Kuznetsov To Return To Service By 2022

At the beginning of December, Russian News Agency Tass reported on the possible return to service of the Kuznetsov aircraft carrier. The infamous flattop, commissioned in 1991, most recently undertook several operations in the Mediterranean Sea, conducting airstrikes in Syria. In early 2018, the ship arrived at the 35th Ship Repair Plant, in Murmansk, in order to be refitted and modernized. Sadly, on the 30th October 2018, a PD-50 floating dry dock sunk and its falling crane severely damaged Kuznetsov. Then in December 2019, a fire aboard further damaged the carrier.

Tass reported that “next summer, the Admiral Kuznetsov will be docked again and will be then set for sea trials, in 2022” The Russian Ministry of Defense clearly see the huge cost of the repairs to the vessel as worth the investment. The one initial estimate for the modernization refit put the cost at roughly 50 billion RUB or $800 million. Budget cuts in 2017, however, reduced spending on the refit by half. Since then Russia has instituted further cuts as the COVID-19 pandemic impacted spending. The damage caused by the fire is believed to have caused 500 million RUB worth of damage on top of the modernization costs.

The Admiral Kuznetsov on fire while docked (Russian Media)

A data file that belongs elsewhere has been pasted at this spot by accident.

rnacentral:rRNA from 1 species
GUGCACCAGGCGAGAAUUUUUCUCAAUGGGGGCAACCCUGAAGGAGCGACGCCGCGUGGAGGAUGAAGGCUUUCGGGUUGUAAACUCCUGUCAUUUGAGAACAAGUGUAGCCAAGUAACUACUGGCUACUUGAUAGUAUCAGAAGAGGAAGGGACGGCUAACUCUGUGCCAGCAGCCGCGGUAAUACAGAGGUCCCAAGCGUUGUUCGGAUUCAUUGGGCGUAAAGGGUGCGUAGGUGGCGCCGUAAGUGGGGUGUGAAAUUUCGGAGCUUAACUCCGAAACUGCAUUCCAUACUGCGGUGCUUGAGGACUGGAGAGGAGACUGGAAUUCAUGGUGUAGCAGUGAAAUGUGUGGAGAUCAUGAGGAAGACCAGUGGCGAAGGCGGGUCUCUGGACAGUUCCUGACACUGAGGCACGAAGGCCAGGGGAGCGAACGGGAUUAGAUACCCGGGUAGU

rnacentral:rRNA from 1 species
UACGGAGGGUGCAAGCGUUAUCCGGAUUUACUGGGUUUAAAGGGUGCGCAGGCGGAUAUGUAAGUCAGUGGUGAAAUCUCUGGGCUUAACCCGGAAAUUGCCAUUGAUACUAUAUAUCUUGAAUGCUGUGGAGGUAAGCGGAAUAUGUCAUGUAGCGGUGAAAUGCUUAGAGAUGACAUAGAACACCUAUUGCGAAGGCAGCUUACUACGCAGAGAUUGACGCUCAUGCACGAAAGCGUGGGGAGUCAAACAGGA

At one point it seemed that it was possible that the Kuznetsov would simply be decommissioned and scrapped. At the beginning of 2020 President Putin was presented with proposals for a new aircraft carrier project, but it seems that the Kuznetsov has been spared and the slow process of renovation is continuing.

Kuznetsov has reportedly received new domestically produced supercharged KVG-4 boilers. Which means the aircraft carrier should no longer be seen smoking while underway. Additionally the obsolete Kortik and AK-630 CWIS will be replaced with the Pantsir-M missile system.

The struggle to retain the Kuznetsov shows Russia’s determination to retain its limited naval power projection capabilities. Although an aircraft carrier is an expensive asset, Moscow does not want to loose a key tool which can project their international aspirations. For the international community the Kuznetsov represents a manifestation of Russia’s aspirations. Provided their are no further accidents during her refit we will likely see Kuznetsov in service until Russia is able to commission a new aircraft carrier.